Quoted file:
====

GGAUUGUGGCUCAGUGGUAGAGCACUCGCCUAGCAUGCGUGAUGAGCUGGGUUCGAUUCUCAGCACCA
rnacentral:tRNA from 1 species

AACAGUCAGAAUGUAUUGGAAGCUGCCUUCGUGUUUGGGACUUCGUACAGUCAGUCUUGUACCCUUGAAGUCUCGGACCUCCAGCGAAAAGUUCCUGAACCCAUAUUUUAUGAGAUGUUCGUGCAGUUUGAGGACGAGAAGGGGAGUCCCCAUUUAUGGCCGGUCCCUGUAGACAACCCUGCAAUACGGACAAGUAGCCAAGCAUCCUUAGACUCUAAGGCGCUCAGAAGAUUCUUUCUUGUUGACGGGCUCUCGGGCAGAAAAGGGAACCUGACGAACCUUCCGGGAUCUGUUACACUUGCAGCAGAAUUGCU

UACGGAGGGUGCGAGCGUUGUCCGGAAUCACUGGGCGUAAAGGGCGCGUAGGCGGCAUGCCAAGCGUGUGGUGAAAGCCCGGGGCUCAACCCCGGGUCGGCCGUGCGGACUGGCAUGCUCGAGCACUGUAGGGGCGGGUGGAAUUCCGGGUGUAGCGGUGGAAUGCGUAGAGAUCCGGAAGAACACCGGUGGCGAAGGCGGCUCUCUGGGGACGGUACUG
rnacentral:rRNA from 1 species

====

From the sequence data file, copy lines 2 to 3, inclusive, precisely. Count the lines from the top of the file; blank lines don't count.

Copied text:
rnacentral:tRNA from 1 species

AACAGUCAGAAUGUAUUGGAAGCUGCCUUCGUGUUUGGGACUUCGUACAGUCAGUCUUGUACCCUUGAAGUCUCGGACCUCCAGCGAAAAGUUCCUGAACCCAUAUUUUAUGAGAUGUUCGUGCAGUUUGAGGACGAGAAGGGGAGUCCCCAUUUAUGGCCGGUCCCUGUAGACAACCCUGCAAUACGGACAAGUAGCCAAGCAUCCUUAGACUCUAAGGCGCUCAGAAGAUUCUUUCUUGUUGACGGGCUCUCGGGCAGAAAAGGGAACCUGACGAACCUUCCGGGAUCUGUUACACUUGCAGCAGAAUUGCU